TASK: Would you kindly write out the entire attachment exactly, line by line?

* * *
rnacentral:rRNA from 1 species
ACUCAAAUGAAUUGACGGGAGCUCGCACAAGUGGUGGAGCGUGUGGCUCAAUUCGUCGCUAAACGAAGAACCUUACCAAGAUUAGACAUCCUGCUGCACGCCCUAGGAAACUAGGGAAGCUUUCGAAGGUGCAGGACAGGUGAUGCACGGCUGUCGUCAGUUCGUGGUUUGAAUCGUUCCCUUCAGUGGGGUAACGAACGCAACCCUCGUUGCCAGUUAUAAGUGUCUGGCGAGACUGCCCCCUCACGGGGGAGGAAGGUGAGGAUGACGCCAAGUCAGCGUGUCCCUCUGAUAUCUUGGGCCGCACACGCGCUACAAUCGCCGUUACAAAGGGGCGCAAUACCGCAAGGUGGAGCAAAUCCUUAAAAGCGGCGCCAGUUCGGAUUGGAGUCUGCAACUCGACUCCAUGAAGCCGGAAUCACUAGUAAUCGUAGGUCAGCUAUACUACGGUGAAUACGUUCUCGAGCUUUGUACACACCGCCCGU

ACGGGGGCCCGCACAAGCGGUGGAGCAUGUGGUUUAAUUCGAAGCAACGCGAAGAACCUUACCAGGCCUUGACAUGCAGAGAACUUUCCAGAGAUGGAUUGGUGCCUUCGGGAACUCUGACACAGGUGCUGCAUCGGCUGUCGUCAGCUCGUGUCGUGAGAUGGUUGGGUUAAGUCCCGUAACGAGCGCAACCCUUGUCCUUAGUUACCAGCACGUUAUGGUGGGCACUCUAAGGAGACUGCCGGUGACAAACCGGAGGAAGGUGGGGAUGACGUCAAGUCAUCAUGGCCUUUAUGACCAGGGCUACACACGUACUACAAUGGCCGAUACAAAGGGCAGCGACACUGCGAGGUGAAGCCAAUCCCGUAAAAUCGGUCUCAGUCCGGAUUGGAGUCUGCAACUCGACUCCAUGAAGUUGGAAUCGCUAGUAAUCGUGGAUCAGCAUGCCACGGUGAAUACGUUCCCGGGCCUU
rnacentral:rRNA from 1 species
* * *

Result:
rnacentral:rRNA from 1 species
ACUCAAAUGAAUUGACGGGAGCUCGCACAAGUGGUGGAGCGUGUGGCUCAAUUCGUCGCUAAACGAAGAACCUUACCAAGAUUAGACAUCCUGCUGCACGCCCUAGGAAACUAGGGAAGCUUUCGAAGGUGCAGGACAGGUGAUGCACGGCUGUCGUCAGUUCGUGGUUUGAAUCGUUCCCUUCAGUGGGGUAACGAACGCAACCCUCGUUGCCAGUUAUAAGUGUCUGGCGAGACUGCCCCCUCACGGGGGAGGAAGGUGAGGAUGACGCCAAGUCAGCGUGUCCCUCUGAUAUCUUGGGCCGCACACGCGCUACAAUCGCCGUUACAAAGGGGCGCAAUACCGCAAGGUGGAGCAAAUCCUUAAAAGCGGCGCCAGUUCGGAUUGGAGUCUGCAACUCGACUCCAUGAAGCCGGAAUCACUAGUAAUCGUAGGUCAGCUAUACUACGGUGAAUACGUUCUCGAGCUUUGUACACACCGCCCGU

ACGGGGGCCCGCACAAGCGGUGGAGCAUGUGGUUUAAUUCGAAGCAACGCGAAGAACCUUACCAGGCCUUGACAUGCAGAGAACUUUCCAGAGAUGGAUUGGUGCCUUCGGGAACUCUGACACAGGUGCUGCAUCGGCUGUCGUCAGCUCGUGUCGUGAGAUGGUUGGGUUAAGUCCCGUAACGAGCGCAACCCUUGUCCUUAGUUACCAGCACGUUAUGGUGGGCACUCUAAGGAGACUGCCGGUGACAAACCGGAGGAAGGUGGGGAUGACGUCAAGUCAUCAUGGCCUUUAUGACCAGGGCUACACACGUACUACAAUGGCCGAUACAAAGGGCAGCGACACUGCGAGGUGAAGCCAAUCCCGUAAAAUCGGUCUCAGUCCGGAUUGGAGUCUGCAACUCGACUCCAUGAAGUUGGAAUCGCUAGUAAUCGUGGAUCAGCAUGCCACGGUGAAUACGUUCCCGGGCCUU
rnacentral:rRNA from 1 species